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BA (Hons) 3 years full-time 2017
Ucas points guide

144

% applicants receiving offers

39%

Subjects
  • History by period
Student score
77% LOW
% employed or in further study
96% MED
Average graduate salary
£26k HIGH
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What do you need to get in?

Source: UCAS

Main entry requirements

A level
AAA

Scottish Highers
AAAAA

Scottish Advanced Highers
AAA

BTEC Diploma
Not Available

International Baccalaureate
38

7 6 6 required. Specific subjects required.

UCAS tariff points
Not Available

If your qualifications aren’t listed here, you can use our UCAS points guide of 144 and refer to the university’s website for full details of all entry routes and requirements.

The real story about entry requirements

% applicants receiving offers

39%

Provided by UCAS, this is the percentage of applicants who were offered a place on the course last year. Note that not all applicants receiving offers will take up the place, so this figure is likely to differ from applicants to places.

What does the numbers of applicants receiving course offers tell me?

Tuition fee & financial support

£9,000

Maximum annual fee for UK students. NHS-funded, sandwich or part-time course fees may vary.

If you live in:

  • Scotland and go to a Scottish university, you won’t pay tuition fees
  • Northern Ireland and go to an NI uni, you’ll pay £3,805 in tuition fees
  • Wales you’ll pay £3,810 in fees and get a tuition fee grant to cover the rest
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Will this course suit you?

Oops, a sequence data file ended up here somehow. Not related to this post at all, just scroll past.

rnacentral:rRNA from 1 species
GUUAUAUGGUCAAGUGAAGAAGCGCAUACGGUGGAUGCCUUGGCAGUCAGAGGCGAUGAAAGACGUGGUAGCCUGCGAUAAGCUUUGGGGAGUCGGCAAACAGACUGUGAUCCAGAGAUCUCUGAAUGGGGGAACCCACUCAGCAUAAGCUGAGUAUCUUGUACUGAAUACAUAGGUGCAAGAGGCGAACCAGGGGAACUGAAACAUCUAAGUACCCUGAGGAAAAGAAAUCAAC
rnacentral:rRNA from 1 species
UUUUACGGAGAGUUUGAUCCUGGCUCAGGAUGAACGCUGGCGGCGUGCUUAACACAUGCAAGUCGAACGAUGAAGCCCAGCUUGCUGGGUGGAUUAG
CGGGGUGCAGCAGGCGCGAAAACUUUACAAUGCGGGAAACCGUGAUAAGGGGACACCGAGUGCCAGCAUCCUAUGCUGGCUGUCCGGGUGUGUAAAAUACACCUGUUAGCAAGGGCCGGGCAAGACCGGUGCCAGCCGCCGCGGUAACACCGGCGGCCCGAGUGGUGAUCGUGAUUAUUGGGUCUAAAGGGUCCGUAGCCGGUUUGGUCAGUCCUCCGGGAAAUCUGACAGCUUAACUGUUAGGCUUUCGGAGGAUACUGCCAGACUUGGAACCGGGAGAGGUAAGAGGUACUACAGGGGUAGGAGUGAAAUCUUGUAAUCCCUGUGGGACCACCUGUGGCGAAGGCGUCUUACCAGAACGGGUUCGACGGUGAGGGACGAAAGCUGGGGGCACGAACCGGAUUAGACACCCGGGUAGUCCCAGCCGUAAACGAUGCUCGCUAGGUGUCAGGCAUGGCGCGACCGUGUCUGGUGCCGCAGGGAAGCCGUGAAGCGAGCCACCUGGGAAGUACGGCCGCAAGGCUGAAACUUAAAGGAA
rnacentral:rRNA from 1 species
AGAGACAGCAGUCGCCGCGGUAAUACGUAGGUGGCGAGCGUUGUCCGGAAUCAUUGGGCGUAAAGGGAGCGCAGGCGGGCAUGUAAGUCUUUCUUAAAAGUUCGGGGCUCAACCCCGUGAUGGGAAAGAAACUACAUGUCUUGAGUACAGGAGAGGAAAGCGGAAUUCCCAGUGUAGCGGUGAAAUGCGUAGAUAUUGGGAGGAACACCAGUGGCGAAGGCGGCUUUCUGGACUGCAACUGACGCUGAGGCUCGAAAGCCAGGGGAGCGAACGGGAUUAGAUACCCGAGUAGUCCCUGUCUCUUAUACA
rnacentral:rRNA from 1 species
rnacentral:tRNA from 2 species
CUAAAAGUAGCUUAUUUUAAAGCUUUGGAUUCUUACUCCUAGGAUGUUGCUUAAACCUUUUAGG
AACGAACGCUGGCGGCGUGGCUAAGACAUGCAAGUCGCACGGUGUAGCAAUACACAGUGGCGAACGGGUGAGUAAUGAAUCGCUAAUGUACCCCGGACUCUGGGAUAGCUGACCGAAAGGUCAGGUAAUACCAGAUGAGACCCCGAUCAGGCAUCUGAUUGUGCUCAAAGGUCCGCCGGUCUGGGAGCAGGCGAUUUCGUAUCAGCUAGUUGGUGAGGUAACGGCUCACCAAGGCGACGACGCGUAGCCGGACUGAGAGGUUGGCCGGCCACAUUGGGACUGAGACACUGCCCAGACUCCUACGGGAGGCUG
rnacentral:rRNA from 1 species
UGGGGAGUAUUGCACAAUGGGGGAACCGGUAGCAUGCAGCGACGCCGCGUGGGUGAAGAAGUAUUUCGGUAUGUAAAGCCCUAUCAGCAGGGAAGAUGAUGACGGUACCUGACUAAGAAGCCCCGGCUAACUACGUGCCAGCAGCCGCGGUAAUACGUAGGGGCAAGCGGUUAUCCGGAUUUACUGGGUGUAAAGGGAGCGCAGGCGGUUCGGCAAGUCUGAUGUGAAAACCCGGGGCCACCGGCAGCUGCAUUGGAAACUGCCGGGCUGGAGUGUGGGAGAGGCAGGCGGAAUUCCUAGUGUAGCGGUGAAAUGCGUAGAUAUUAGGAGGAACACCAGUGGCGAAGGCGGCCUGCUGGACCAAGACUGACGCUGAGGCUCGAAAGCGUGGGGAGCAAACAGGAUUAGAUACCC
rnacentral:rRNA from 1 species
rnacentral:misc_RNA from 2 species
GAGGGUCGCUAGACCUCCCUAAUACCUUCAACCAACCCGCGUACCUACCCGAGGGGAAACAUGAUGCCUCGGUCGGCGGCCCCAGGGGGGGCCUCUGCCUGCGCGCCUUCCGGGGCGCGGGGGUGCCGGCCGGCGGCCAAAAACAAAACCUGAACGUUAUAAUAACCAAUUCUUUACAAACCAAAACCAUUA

Sources: UCAS & KIS

Every degree course is different, so it’s important to find one that suits your interests and matches the way you prefer to work – from the modules you’ll be studying to how you’ll be assessed. Top things to look for when comparing courses

Course description

Modules

Year 1: from empire to independence: the extra-European world in the 20th century; war and society from the renaissance to the Napoleonic era c1500-1815; international history since 1890; the internationalisation of economic growth, 1870 to the present day. Year 2: what is history (methods and debates); Latin America and the international economy or the making of an economic superpower: china since 1850 ; towns, society and economy in England and Europe, 1450-1750; empire and nation (Britain and India since 1750); the industrial revolution; the Islamic world in the era of the Ottoman, Safavid and Mughal empires, 1400-1800; the history of Russia, 1682-1825; the European enlightenment, c1680-1799; Napoleon and Europe; modernity and the state in east Asia (China, Japan and Korea since 1840); 4 reichs (Austria, Prussia and the contest for Germany since 1618). Year 3: 3 history options or 2 plus an approved outside option; 10,000 word dissertation.

London School of Economics and Political Science, University of London

New Academic Building

The London School of Economics and Political Science (LSE) is a specialist university with an international intake and global reach. Its research and teaching span the breadth of the social sciences, from economics, politics and law to sociology, anthropology, accounting and finance. Founded in 1895 by Beatrice and Sidney Webb, the School has a reputation for academic excellence. The LSE campus is situated off Aldwych in central London.

How you'll spend your time

Sorry, we don’t have study time information to display here

How you'll be assessed